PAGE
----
A Can’t-Miss Christmas Party
“The best way to spread Christmas cheer is singing loud for all to hear.”
And Zooey Deschanel hasn’t stopped doing so ever since her musical introduction to the world in the holiday cult classic, Elf.
As a 21-year-old at the time, Deschanel feels fortunate to have identified the script as one that was timeless — and also gave her room to showcase what was a “hidden” talent up until her musical coming out party.
“I read that script, I remember laughing out loud and thinking, you know how great Will [Ferrell] would be in that part. And then also thinking like, ‘Well, if this movie’s really good, and people like it, they’ll play it over and over again,’” said Deschanel, also well-known for her lead role in the TV show New Girl.
“It worked out really well. It was right in my wheelhouse. It was a really lucky moment. A lot of people had no idea who I was until I did that movie. Let alone hear me sing.”
Now, she has released six albums as part of She & Him, a group she co-founded alongside indie-folk artist Matt Ward, with the duo meeting on a movie set in 2006.
“We just clicked,” Ward said. “It was a great match.”
UCSB Arts & Lectures is bringing the “She & Him: A Very She & Him Christmas Party” to Santa Barbara as part of its Creating Hope series, with the dynamic duo slated to douse the South Coast with holiday cheer at the Arlington Theatre on December 2 at 8 pm.
“Santa Barbara is incredible; it’s where I spend weekends,” Deschanel said.
As Deschanel and Ward celebrate the 10th anniversary of their first holiday album, they spent some time talking about why they “make sense” as a duo, the overwhelming influence of Brian Wilson, and how returning to the stage is cathartic.
Here are five questions with the duo just days before their South Coast show:
Why do you guys click?
Zooey: We have fun.
Matt: If you’re in the studio, making music with your friends and it’s not fun, you’re doing something wrong. That’s the only philosophy I have in the studio. When we get together in the studio, we get stuff done. And it’s like almost without thinking about it.
Zooey: When I talk to other people in bands, and they are taking years to record a record. I’m like, “What?!” We record in six days. I come from a background where we don’t believe in overprocessing and over fixing. We’re not going back and fixing a ton of things. It’s just the performance from start to finish.
OK, that’s incredible — and impressive. Why is this important?
Matt: It’s been both of our experiences that when people start thinking about what they’re performing for a few months, the fire starts to go out. It’s been our experience that the first couple takes are the best because you’re inventing as you’re recording. You feel that in all of our records.
Zooey: When you get too obsessed with sounding perfect, it starts to sound robotic. It sounds like it came from someone else. So, we like to work in a very organic way.
You’ve had lots of success with holiday music. Where does that stem from?
Matt: I love how music brings people together, whether it be families or friends or even strangers. Music has that power to bring people together. Especially in December. The first songs we covered were written 70 or 80 years ago, but they’re still bringing people together. So there’s some sort of magic that they have.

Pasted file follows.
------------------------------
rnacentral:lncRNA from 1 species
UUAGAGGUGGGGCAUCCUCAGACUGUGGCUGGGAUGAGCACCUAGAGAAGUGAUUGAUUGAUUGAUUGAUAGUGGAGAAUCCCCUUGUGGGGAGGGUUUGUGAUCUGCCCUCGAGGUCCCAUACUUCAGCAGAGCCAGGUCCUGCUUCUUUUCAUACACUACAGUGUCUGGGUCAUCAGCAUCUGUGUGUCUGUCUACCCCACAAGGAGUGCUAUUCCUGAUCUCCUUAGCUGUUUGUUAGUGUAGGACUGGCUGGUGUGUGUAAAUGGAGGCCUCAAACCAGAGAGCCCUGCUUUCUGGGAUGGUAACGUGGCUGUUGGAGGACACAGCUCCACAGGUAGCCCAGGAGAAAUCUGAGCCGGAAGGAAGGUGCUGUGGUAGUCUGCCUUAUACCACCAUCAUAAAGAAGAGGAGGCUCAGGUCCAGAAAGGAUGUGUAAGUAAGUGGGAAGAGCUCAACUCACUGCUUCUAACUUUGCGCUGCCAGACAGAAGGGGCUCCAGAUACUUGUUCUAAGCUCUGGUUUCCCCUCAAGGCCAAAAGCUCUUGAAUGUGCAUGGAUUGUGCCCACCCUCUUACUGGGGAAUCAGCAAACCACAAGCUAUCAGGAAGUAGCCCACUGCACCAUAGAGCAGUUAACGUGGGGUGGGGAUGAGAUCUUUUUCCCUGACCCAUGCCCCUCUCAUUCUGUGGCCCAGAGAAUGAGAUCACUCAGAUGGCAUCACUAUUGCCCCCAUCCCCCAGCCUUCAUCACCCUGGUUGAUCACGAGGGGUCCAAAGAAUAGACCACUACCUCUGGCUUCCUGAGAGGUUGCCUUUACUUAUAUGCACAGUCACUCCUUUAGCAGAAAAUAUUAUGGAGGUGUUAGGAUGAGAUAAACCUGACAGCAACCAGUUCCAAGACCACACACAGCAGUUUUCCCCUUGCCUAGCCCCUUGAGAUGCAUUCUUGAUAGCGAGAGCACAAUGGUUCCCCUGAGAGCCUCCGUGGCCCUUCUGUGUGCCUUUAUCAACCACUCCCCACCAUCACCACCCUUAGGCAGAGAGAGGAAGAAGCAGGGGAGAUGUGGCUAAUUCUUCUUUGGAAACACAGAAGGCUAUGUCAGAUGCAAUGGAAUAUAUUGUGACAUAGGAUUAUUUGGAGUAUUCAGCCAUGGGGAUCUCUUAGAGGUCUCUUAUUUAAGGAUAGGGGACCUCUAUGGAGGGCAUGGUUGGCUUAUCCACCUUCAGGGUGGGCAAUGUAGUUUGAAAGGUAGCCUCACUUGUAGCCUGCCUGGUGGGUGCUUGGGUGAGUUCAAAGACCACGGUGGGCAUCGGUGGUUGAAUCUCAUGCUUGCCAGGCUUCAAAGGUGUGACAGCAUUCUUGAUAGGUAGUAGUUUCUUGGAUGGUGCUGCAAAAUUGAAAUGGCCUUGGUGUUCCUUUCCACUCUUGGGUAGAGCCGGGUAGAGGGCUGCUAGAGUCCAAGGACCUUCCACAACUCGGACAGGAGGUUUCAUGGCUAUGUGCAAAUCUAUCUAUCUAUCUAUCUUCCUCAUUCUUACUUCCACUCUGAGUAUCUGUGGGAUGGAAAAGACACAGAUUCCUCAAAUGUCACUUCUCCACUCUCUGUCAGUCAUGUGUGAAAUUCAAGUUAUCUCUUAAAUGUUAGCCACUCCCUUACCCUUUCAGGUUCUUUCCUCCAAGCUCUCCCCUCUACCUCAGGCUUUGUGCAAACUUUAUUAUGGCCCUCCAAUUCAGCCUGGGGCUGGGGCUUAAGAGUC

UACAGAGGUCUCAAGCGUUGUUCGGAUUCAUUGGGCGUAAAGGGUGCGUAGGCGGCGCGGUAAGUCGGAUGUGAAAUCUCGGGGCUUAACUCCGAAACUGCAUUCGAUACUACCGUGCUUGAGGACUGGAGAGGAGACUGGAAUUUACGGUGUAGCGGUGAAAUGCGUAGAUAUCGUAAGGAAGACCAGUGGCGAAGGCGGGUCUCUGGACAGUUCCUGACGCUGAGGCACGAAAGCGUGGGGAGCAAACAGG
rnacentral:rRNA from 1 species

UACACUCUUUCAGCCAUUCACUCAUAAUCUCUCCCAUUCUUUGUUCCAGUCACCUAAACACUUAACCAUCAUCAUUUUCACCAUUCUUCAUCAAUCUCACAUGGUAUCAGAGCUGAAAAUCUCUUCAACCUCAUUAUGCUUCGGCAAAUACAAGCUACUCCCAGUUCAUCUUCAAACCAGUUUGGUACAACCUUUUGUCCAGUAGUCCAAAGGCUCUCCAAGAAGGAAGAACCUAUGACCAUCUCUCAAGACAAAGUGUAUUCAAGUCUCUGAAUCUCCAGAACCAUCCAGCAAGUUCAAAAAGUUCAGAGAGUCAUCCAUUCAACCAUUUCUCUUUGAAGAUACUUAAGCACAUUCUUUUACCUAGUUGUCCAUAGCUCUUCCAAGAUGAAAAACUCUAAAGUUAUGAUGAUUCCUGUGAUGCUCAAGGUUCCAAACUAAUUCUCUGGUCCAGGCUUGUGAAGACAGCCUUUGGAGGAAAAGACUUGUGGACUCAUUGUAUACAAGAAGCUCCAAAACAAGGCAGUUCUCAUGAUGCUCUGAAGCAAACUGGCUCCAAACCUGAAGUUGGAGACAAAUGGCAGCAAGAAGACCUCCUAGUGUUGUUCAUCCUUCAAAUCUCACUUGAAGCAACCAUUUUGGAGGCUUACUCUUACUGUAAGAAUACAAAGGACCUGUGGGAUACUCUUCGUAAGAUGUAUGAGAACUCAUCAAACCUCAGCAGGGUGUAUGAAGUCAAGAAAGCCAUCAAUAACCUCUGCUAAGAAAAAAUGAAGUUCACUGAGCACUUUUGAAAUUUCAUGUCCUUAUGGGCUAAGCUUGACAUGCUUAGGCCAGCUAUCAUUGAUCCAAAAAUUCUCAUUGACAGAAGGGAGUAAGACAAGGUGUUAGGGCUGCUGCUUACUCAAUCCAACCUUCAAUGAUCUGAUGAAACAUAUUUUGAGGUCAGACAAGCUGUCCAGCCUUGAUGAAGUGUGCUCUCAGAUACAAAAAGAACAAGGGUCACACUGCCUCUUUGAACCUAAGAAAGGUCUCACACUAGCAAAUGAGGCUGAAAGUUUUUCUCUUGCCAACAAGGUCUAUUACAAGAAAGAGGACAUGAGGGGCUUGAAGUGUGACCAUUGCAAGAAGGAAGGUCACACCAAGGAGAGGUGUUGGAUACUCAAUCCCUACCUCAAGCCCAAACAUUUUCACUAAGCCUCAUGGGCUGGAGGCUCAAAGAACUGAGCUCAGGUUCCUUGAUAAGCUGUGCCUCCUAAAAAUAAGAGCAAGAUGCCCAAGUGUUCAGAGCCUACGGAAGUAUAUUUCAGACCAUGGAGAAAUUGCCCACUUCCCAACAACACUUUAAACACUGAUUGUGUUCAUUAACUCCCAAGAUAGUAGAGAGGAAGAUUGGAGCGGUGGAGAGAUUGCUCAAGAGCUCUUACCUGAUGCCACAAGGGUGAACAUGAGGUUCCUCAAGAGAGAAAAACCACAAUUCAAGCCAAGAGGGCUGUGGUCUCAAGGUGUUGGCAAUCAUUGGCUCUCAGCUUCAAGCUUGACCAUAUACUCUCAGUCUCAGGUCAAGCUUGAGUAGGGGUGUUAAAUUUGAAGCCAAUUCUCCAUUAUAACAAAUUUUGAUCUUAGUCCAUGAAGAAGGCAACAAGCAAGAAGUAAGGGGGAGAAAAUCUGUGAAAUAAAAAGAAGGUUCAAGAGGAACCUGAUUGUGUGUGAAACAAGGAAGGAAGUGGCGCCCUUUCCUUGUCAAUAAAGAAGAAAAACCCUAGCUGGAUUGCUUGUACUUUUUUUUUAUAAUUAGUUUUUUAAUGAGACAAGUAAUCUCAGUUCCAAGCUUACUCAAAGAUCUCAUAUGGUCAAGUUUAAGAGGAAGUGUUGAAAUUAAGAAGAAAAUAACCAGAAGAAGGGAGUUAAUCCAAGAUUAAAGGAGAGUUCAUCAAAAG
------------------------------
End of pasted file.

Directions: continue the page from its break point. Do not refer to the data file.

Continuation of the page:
Zooey: I grew up with the Phil Spector Christmas record, the Beach Boys Christmas record, Nat King Cole’s Christmas record, the Carpenters’ Christmas record. I’d hear them on the radio, they felt really magical, and I think we both just wanted to give our take on these new songs. We find so much joy in it; it’s so natural.
You mentioned influences, and you are both SoCal natives. How did that inform your musical taste?
Matt: It meant everything.
Zooey: Absolutely; our vibe really reflects where we come from. We are both obsessed with Brian Wilson [of the Beach Boys].
Matt: I remember going on my first trip to Europe and going to France and Portugal and hearing that each country has its own specific sound and instrument and style. And then it finally clicked how important Brian Wilson is to Southern California music. I feel like he seriously invented a musical sound for the West Coast. So, when you grow up in it, that’s kind of around you. And you get a little bit older, and you realize how genius his inventions were.
Zooey: When I was seven and eight years old, we lived basically for a year and a half abroad and I felt so homesick for Southern California. We would listen to “Surfin’ USA,” and we’d wait for them to say “Pacific Palisades,” which is where I’m from. It made us feel like we were home for a minute.
Speaking of feels, there has to be a lot of emotions that come with returning to the stage, both for yourselves, but also for audiences that have been kept away from live performances for nearly two years.
Matt: This is so important, for audiences and performers. We almost can’t believe that it’s actually happening.
Zooey: We’ve been able to make music over the last almost two years. So that has been so therapeutic for us. We just want to bring some of that joy to the people we play for.
If You Go
WHEN: December 2, 8 pm
WHERE: Arlington Theatre
COST: $42-$128.50 (general public); $23.50 (UCSB students)
INFO: 805-893-3535 or 805-963-4408, ArtsAndLectures.UCSB.edu